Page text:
I'm not a big fan of get-arrested theater posing as civil disobedience. We see quite a bit of it here in Washington, and I can't help think it says more about those getting arrested than the cause, because it's a tactic as fresh and timely as a Nehru jacket. It also reeks of entitlement, since the presumption is that those arrested will be processed, offered bail and probably have charges dismissed or reduced to a fine.
Which brings us to the Unitarian Universalist arrest-a-thon today, the day after a federal judge gives SB 1070 a judo chop to the throat. But the show must go on, and Phoenix sheriff Joe Arpiao -- admittedly not one of my favorite people -- himself has become a focus of the campaign. That's mission creep from an anti-SB 1070 stand. Â (And, how, for example, does this show solidarity for those who are avoiding or do not deserve arrest?)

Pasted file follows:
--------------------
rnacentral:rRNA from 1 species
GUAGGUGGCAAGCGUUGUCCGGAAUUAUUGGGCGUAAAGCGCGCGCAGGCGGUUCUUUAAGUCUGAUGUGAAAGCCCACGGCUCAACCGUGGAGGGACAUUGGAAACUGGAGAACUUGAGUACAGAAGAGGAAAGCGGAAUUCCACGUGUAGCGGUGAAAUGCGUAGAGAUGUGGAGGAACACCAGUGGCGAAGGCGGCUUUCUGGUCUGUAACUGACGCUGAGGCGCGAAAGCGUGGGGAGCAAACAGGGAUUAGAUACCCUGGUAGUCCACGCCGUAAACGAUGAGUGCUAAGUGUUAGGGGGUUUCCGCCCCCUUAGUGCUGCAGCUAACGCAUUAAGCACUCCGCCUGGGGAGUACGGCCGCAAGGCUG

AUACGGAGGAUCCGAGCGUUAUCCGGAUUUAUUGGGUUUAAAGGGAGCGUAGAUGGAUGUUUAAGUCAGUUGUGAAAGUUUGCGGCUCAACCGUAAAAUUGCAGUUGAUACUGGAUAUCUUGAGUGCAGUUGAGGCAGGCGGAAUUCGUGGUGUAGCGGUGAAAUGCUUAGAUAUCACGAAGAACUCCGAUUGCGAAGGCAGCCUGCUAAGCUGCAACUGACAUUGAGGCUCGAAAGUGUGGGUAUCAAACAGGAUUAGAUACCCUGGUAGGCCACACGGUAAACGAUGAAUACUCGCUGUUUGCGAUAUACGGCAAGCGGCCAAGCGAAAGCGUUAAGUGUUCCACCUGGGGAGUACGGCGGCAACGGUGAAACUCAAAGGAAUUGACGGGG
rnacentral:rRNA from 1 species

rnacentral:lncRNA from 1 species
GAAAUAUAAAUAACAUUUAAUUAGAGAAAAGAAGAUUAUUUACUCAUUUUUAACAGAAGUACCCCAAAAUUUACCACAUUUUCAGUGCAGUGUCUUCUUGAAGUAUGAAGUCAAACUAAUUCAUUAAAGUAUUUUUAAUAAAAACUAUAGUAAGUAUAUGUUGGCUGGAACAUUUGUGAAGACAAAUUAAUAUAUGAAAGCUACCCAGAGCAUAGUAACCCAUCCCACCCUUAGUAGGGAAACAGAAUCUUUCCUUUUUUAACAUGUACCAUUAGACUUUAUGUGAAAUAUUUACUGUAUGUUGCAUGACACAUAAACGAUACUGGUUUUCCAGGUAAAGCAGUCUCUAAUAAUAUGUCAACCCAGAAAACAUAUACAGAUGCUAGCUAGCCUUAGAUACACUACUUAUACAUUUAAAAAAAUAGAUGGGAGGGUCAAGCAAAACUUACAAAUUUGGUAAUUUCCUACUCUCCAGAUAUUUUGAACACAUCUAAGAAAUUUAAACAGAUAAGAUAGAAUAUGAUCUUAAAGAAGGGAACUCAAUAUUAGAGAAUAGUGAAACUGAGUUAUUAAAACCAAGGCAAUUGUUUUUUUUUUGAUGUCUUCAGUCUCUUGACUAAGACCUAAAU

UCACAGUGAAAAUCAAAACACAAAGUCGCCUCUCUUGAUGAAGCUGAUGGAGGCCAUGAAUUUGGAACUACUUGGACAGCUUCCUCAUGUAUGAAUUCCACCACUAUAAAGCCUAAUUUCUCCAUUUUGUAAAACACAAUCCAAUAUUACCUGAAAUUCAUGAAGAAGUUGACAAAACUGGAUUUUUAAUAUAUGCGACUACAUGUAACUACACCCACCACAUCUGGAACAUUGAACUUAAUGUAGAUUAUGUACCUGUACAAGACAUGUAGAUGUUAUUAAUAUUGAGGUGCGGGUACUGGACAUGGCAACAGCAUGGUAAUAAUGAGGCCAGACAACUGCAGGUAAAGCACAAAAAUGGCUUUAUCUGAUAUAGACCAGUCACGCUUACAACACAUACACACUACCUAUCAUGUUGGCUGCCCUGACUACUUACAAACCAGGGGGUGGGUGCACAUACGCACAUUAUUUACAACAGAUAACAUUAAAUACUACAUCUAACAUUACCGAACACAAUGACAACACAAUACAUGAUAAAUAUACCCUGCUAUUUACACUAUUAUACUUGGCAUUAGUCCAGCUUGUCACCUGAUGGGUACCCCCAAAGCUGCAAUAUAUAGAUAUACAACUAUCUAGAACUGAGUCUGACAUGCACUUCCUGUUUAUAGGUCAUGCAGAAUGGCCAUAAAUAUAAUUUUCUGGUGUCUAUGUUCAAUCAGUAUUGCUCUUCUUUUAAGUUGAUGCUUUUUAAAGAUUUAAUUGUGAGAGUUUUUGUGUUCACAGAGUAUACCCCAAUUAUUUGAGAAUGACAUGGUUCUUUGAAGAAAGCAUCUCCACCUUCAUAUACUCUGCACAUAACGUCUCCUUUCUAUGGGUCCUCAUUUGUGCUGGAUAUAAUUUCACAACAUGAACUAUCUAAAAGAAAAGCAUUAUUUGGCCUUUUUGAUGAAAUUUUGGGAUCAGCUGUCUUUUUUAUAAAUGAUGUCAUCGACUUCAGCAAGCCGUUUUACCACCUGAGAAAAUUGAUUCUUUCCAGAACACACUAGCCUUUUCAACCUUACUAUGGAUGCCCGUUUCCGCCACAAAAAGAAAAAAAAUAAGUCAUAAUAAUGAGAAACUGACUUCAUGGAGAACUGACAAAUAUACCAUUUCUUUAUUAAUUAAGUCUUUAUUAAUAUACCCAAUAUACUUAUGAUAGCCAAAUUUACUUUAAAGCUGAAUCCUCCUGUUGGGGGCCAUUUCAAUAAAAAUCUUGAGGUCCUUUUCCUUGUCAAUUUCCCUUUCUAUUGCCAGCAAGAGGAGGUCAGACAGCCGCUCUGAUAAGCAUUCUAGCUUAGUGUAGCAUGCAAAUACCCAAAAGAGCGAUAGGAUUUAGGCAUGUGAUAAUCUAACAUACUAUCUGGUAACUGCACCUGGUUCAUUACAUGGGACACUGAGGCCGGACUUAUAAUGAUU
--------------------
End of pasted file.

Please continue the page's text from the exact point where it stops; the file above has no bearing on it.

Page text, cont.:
But say what I will about D.C. arrestees, at least (I've heard) they have their lawyers all set up. And at least they're not asking for a legal defense fund, as the tweely-named UUA Standing on the Side of Love campaign is. (I'm not linking to it.)
If you set yourself up to be arrested, be prepared to pay the cost. That's pretty basic to real civil disobedience. You might even refuse bail. Real love has costs, and sometimes hurts -- and the hurt will find you; you needn't look for it.